The Great Smog of 1952 A disaster that could have been avoided

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The Great Smog of 1952 A disaster that could have been avoided

Photo labeled for non-commercial reuse via https://www.flickr.com/photos/28237570@N08/11233700294 Under the Creative Commons Licence

Photo labeled for non-commercial reuse via https://www.flickr.com/photos/[email protected]/11233700294 Under the Creative Commons Licence

Photo labeled for non-commercial reuse via https://www.flickr.com/photos/[email protected]/11233700294 Under the Creative Commons Licence

Photo labeled for non-commercial reuse via https://www.flickr.com/photos/[email protected]/11233700294 Under the Creative Commons Licence

Josh Ruck, Spring author

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In the summer of 1952 in Great Britain’s capital, London, a large cloud covered the city. At first, people assumed it was fog, which usually covers the city. But as it turns out it was far from that; the next five days were hell for the residents of London, killing thousands and injuring even more. It caused chaos, considering nobody could clearly see anybody or anything, which made illegal activities easier to masquerade . People were terrified during this time and many locked their doors and stayed inside for the duration of the “great smog” which was five days in total.

So you’re probably wondering how something like this could happened on this large of a scale. According to Wikipedia and History.com Leading up to the great smog, London’s temperature dropped, which caused residents to burn more coal than usual. The coal they normally used low grade, cheap coal, which worked. But as the temperature dropped people in the city started importing high grade coal, which worked better and burned better. An effect of this was an increase in the amount of sulfur dioxide in the smoke. There were also loads of coal fired power station in and around London, which added to the already heavy pollution. It wasn’t was just the coal that caused the heavy pollution in London it was all the cars and diesel truck exhaust, which put smoke into the air. Steam trains added to the pollution, and in the the years prior London had switched from electric trams to stream trains which showed to be catastrophic.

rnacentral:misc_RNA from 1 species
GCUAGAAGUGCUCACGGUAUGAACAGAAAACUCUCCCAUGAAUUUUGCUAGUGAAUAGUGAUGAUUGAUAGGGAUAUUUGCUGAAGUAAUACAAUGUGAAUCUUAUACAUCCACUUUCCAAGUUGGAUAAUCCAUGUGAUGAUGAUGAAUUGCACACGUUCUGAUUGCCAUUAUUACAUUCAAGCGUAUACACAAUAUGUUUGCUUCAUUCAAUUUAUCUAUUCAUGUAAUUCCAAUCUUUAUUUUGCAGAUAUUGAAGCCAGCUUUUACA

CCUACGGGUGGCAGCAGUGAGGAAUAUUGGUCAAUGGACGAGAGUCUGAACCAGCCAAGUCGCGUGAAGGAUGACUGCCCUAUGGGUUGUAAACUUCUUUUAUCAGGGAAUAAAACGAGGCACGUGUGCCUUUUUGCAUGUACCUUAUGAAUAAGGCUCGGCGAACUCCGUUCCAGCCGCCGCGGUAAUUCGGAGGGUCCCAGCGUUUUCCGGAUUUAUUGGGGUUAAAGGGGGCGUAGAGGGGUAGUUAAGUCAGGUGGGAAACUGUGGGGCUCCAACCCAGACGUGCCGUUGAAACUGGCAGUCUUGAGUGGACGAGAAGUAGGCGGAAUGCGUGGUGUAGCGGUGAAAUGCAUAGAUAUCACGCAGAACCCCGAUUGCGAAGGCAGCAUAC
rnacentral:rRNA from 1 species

The effect of the Great Smog was almost like a doomsday situation in London. London was used to seeing heavy fogs, but nothing like this. People could only see a few feet so it was like people walking around were blind. So you couldn’t drive and the only transportation was the London underground. There were no public services so people had to try to get themselves to a hospital, which was very difficult and mostly impossible to get helped. Although some people were lucky enough to get smog masks, the masks really did nothing to protect the residents of London.

The aftermath of the great smog was terrible. 12,000 people died, mostly young and older people with previously existing respiratory problems. Most of the deaths were due to respiratory tract infections caused by the smog getting in people’s lungs. Not just the people of London suffered,  the environment of London and surrounding areas suffered greatly from the smog almost all coal fires in London were taken out of homes and got new gas fires, which did not cause nearly as much pollution as the coal fires. After the great smog of 1952 another event did happen around ten years later in 1962, but it wasn’t as bad as the 1952 event. And after this event coal fires were totally banned from London and more precautionary measures were taken so this would never happen again.

Nobody really talks about the great smog of 1952, and I didn’t know that this ever happened or what smog was. But now I know that it is a very terrible thing that could cause a catastrophic event in a city and kill loads of innocent people all because of air pollution which can be avoided. I hope nothing like this ever happens again on this level or any level. The Great Smog of 1952 will go down as the disaster that could have been avoided.

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